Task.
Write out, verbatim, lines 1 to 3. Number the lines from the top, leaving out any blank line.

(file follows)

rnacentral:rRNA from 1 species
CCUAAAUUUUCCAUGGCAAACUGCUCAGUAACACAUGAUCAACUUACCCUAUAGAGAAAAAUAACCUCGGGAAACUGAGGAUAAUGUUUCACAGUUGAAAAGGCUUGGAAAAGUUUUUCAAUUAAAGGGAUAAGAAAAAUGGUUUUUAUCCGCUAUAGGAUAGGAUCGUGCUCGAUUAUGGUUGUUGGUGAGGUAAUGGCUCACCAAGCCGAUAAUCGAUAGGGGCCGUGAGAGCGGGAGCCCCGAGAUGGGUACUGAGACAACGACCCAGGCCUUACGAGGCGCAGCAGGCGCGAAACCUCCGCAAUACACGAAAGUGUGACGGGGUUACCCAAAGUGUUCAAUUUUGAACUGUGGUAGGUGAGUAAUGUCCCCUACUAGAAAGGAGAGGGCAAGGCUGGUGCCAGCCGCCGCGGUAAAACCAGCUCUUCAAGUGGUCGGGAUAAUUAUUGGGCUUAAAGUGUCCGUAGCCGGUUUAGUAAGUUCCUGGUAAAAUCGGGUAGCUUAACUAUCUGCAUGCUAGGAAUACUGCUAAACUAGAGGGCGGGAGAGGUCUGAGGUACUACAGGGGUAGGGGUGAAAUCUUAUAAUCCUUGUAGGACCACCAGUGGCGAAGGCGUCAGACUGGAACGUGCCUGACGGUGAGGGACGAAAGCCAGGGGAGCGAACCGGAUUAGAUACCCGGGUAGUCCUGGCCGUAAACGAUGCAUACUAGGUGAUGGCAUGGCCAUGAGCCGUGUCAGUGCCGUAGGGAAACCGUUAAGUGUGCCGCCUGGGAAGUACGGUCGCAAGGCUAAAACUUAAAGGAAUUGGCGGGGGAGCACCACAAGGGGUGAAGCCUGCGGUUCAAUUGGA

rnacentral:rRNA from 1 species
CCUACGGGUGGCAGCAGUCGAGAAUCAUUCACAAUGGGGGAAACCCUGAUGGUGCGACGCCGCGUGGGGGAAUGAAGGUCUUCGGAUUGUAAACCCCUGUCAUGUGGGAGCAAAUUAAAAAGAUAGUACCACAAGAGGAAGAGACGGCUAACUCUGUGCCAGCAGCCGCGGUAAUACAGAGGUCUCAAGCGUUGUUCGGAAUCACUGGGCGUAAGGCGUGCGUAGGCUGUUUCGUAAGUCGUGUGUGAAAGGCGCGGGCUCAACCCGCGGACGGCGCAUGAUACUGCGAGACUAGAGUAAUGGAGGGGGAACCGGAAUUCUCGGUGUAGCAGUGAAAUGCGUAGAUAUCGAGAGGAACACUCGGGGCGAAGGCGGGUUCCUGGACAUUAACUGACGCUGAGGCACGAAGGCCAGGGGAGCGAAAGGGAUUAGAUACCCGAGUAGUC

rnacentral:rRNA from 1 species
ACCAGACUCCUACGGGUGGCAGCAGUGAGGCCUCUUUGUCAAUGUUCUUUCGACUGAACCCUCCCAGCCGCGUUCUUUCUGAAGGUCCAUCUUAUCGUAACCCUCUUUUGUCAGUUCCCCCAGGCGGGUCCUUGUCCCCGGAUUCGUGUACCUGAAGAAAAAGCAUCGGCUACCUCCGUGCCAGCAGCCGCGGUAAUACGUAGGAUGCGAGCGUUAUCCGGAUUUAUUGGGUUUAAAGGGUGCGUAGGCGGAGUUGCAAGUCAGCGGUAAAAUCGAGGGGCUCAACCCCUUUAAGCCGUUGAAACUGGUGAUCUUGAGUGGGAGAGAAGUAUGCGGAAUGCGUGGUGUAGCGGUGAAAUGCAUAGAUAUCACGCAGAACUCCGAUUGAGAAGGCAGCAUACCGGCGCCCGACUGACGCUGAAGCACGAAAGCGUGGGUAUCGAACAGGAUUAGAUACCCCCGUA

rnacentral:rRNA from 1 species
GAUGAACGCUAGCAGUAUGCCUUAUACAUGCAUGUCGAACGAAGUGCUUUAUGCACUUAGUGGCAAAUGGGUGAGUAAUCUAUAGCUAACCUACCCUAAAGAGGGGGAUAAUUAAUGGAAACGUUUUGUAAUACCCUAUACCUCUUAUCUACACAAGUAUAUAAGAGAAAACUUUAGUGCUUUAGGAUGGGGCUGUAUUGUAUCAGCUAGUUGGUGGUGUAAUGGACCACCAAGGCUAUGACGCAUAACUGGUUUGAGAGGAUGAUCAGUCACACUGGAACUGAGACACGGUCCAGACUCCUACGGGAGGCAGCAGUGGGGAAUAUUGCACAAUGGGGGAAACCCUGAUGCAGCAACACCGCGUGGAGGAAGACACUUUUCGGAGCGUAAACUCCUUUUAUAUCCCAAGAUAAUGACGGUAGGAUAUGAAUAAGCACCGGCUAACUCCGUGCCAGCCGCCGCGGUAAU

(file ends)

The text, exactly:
rnacentral:rRNA from 1 species
CCUAAAUUUUCCAUGGCAAACUGCUCAGUAACACAUGAUCAACUUACCCUAUAGAGAAAAAUAACCUCGGGAAACUGAGGAUAAUGUUUCACAGUUGAAAAGGCUUGGAAAAGUUUUUCAAUUAAAGGGAUAAGAAAAAUGGUUUUUAUCCGCUAUAGGAUAGGAUCGUGCUCGAUUAUGGUUGUUGGUGAGGUAAUGGCUCACCAAGCCGAUAAUCGAUAGGGGCCGUGAGAGCGGGAGCCCCGAGAUGGGUACUGAGACAACGACCCAGGCCUUACGAGGCGCAGCAGGCGCGAAACCUCCGCAAUACACGAAAGUGUGACGGGGUUACCCAAAGUGUUCAAUUUUGAACUGUGGUAGGUGAGUAAUGUCCCCUACUAGAAAGGAGAGGGCAAGGCUGGUGCCAGCCGCCGCGGUAAAACCAGCUCUUCAAGUGGUCGGGAUAAUUAUUGGGCUUAAAGUGUCCGUAGCCGGUUUAGUAAGUUCCUGGUAAAAUCGGGUAGCUUAACUAUCUGCAUGCUAGGAAUACUGCUAAACUAGAGGGCGGGAGAGGUCUGAGGUACUACAGGGGUAGGGGUGAAAUCUUAUAAUCCUUGUAGGACCACCAGUGGCGAAGGCGUCAGACUGGAACGUGCCUGACGGUGAGGGACGAAAGCCAGGGGAGCGAACCGGAUUAGAUACCCGGGUAGUCCUGGCCGUAAACGAUGCAUACUAGGUGAUGGCAUGGCCAUGAGCCGUGUCAGUGCCGUAGGGAAACCGUUAAGUGUGCCGCCUGGGAAGUACGGUCGCAAGGCUAAAACUUAAAGGAAUUGGCGGGGGAGCACCACAAGGGGUGAAGCCUGCGGUUCAAUUGGA

rnacentral:rRNA from 1 species